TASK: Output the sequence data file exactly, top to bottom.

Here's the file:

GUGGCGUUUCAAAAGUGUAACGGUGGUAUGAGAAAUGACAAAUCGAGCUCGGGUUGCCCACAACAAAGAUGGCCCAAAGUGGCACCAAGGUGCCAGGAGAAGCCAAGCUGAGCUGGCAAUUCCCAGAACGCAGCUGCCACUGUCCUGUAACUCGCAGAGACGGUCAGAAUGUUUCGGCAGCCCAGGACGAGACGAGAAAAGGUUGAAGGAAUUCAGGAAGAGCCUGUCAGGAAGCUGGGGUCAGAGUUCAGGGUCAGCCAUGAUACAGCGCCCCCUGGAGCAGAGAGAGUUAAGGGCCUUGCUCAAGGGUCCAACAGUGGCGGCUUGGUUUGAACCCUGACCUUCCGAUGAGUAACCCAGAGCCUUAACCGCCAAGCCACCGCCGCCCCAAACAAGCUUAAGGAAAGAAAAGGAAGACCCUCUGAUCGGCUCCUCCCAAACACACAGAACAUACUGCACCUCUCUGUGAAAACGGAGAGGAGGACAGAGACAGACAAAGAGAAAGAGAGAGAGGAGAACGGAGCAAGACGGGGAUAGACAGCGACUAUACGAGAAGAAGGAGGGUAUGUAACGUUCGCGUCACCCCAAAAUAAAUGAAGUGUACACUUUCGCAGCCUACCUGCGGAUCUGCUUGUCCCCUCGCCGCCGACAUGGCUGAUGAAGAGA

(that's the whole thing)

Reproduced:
GUGGCGUUUCAAAAGUGUAACGGUGGUAUGAGAAAUGACAAAUCGAGCUCGGGUUGCCCACAACAAAGAUGGCCCAAAGUGGCACCAAGGUGCCAGGAGAAGCCAAGCUGAGCUGGCAAUUCCCAGAACGCAGCUGCCACUGUCCUGUAACUCGCAGAGACGGUCAGAAUGUUUCGGCAGCCCAGGACGAGACGAGAAAAGGUUGAAGGAAUUCAGGAAGAGCCUGUCAGGAAGCUGGGGUCAGAGUUCAGGGUCAGCCAUGAUACAGCGCCCCCUGGAGCAGAGAGAGUUAAGGGCCUUGCUCAAGGGUCCAACAGUGGCGGCUUGGUUUGAACCCUGACCUUCCGAUGAGUAACCCAGAGCCUUAACCGCCAAGCCACCGCCGCCCCAAACAAGCUUAAGGAAAGAAAAGGAAGACCCUCUGAUCGGCUCCUCCCAAACACACAGAACAUACUGCACCUCUCUGUGAAAACGGAGAGGAGGACAGAGACAGACAAAGAGAAAGAGAGAGAGGAGAACGGAGCAAGACGGGGAUAGACAGCGACUAUACGAGAAGAAGGAGGGUAUGUAACGUUCGCGUCACCCCAAAAUAAAUGAAGUGUACACUUUCGCAGCCUACCUGCGGAUCUGCUUGUCCCCUCGCCGCCGACAUGGCUGAUGAAGAGA